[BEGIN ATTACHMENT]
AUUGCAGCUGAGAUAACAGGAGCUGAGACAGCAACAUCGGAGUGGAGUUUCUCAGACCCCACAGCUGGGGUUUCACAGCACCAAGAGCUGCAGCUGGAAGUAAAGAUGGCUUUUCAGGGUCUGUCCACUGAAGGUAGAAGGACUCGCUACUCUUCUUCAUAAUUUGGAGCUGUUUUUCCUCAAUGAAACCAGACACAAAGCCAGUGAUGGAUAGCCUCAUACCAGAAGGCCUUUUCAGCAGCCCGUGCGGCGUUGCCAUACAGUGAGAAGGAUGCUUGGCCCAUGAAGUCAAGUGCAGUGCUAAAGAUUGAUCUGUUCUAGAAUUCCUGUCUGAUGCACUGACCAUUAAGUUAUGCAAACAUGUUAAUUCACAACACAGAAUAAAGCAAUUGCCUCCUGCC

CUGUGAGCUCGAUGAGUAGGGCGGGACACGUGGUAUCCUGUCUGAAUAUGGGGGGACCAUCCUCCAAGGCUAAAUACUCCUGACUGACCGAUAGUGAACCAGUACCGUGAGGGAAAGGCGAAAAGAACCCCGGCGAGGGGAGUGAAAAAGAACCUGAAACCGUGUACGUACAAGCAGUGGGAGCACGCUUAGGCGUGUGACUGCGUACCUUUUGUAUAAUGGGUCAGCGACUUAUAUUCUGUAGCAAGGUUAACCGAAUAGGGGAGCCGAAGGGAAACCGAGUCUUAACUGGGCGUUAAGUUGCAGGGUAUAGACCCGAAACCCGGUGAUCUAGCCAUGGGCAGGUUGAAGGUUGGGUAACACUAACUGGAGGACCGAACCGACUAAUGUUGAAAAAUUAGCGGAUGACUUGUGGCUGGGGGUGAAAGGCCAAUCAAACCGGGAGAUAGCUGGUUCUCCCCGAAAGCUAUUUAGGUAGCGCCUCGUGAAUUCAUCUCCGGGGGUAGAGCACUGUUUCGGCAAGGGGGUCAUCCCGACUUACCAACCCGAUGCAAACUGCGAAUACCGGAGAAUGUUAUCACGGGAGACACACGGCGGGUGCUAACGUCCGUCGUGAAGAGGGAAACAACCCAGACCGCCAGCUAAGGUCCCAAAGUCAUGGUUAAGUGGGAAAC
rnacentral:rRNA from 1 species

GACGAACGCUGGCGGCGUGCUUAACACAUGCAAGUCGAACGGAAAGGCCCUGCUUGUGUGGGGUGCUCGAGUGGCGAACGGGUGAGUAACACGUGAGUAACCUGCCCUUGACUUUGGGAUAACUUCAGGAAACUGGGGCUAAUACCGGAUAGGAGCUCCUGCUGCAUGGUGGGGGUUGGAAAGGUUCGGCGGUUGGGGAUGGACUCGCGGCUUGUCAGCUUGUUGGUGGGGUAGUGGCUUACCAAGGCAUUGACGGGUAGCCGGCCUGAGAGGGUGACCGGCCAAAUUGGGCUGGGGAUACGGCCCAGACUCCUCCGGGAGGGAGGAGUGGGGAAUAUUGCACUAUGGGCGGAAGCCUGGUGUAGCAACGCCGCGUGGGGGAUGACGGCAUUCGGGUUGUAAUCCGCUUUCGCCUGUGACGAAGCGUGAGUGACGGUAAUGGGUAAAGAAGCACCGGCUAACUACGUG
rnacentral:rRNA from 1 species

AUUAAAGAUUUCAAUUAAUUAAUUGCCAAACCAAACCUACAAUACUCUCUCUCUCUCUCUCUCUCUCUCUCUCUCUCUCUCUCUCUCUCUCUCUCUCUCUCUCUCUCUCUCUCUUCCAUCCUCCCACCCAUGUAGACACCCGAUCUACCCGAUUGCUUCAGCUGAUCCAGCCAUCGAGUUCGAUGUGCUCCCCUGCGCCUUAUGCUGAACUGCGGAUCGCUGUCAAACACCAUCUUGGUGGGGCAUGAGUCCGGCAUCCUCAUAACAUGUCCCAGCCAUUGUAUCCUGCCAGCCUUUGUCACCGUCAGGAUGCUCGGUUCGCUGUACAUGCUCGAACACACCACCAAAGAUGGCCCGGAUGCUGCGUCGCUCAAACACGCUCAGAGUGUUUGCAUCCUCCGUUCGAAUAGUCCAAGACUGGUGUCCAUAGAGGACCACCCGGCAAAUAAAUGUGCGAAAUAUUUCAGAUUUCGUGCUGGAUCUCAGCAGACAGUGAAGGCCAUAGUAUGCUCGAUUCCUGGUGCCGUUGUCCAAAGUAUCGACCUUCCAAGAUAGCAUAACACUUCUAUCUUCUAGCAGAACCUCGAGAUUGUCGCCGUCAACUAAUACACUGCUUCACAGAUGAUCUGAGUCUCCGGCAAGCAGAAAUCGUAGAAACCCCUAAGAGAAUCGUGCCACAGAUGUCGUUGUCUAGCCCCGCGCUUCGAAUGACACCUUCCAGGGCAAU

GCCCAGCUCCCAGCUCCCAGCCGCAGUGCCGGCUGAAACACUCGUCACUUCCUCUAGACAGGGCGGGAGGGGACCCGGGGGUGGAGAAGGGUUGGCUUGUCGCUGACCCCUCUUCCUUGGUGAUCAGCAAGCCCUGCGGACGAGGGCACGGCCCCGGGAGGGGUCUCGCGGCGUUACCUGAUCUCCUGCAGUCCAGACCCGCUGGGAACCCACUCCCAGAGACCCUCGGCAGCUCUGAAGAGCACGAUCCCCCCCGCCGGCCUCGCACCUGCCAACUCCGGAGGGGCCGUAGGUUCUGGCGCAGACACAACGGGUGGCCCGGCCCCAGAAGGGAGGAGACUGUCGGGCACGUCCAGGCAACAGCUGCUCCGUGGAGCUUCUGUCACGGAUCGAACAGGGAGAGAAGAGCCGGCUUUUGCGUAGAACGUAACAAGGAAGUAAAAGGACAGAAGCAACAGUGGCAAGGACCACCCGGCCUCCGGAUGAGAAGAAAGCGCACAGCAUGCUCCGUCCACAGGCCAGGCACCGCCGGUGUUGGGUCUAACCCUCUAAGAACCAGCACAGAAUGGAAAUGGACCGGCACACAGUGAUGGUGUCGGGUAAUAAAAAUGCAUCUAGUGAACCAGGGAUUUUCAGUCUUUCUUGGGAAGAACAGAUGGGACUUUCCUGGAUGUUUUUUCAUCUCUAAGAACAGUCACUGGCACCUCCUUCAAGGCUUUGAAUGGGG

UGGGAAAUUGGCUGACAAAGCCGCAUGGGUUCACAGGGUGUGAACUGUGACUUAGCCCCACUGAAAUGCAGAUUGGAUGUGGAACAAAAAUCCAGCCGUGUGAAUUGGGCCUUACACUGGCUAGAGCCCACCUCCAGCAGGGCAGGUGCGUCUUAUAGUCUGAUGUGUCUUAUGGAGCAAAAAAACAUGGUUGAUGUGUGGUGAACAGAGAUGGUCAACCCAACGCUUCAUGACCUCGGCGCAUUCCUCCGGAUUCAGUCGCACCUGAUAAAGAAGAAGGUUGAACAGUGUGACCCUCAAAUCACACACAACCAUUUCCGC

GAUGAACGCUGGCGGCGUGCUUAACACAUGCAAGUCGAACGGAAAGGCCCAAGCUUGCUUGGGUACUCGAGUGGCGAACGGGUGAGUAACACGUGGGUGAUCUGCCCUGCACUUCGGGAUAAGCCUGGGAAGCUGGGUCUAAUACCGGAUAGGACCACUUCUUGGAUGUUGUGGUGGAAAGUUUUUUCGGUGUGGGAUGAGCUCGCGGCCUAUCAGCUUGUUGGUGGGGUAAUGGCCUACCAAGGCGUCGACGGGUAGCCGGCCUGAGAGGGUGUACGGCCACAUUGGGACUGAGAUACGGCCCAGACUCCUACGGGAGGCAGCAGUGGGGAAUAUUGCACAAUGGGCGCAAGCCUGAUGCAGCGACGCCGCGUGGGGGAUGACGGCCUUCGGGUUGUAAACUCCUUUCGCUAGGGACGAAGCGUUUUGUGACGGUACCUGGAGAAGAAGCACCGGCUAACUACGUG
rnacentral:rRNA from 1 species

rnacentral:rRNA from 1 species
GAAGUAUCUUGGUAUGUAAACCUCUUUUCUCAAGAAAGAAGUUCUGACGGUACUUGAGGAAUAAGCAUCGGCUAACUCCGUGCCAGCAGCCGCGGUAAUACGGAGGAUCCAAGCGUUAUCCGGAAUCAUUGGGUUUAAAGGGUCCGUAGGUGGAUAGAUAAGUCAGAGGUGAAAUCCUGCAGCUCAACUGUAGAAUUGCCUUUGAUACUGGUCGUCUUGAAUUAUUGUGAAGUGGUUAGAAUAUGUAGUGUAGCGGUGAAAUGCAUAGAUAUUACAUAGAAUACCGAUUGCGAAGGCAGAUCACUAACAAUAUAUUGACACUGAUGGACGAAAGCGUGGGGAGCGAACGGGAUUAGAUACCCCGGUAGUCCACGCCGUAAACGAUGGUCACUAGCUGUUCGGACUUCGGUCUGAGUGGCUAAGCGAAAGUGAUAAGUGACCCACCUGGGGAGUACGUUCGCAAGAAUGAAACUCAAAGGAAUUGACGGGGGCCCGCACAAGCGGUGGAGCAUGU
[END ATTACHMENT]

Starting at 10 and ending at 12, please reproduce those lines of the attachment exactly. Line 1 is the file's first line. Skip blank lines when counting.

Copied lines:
rnacentral:rRNA from 1 species

rnacentral:rRNA from 1 species
GAAGUAUCUUGGUAUGUAAACCUCUUUUCUCAAGAAAGAAGUUCUGACGGUACUUGAGGAAUAAGCAUCGGCUAACUCCGUGCCAGCAGCCGCGGUAAUACGGAGGAUCCAAGCGUUAUCCGGAAUCAUUGGGUUUAAAGGGUCCGUAGGUGGAUAGAUAAGUCAGAGGUGAAAUCCUGCAGCUCAACUGUAGAAUUGCCUUUGAUACUGGUCGUCUUGAAUUAUUGUGAAGUGGUUAGAAUAUGUAGUGUAGCGGUGAAAUGCAUAGAUAUUACAUAGAAUACCGAUUGCGAAGGCAGAUCACUAACAAUAUAUUGACACUGAUGGACGAAAGCGUGGGGAGCGAACGGGAUUAGAUACCCCGGUAGUCCACGCCGUAAACGAUGGUCACUAGCUGUUCGGACUUCGGUCUGAGUGGCUAAGCGAAAGUGAUAAGUGACCCACCUGGGGAGUACGUUCGCAAGAAUGAAACUCAAAGGAAUUGACGGGGGCCCGCACAAGCGGUGGAGCAUGU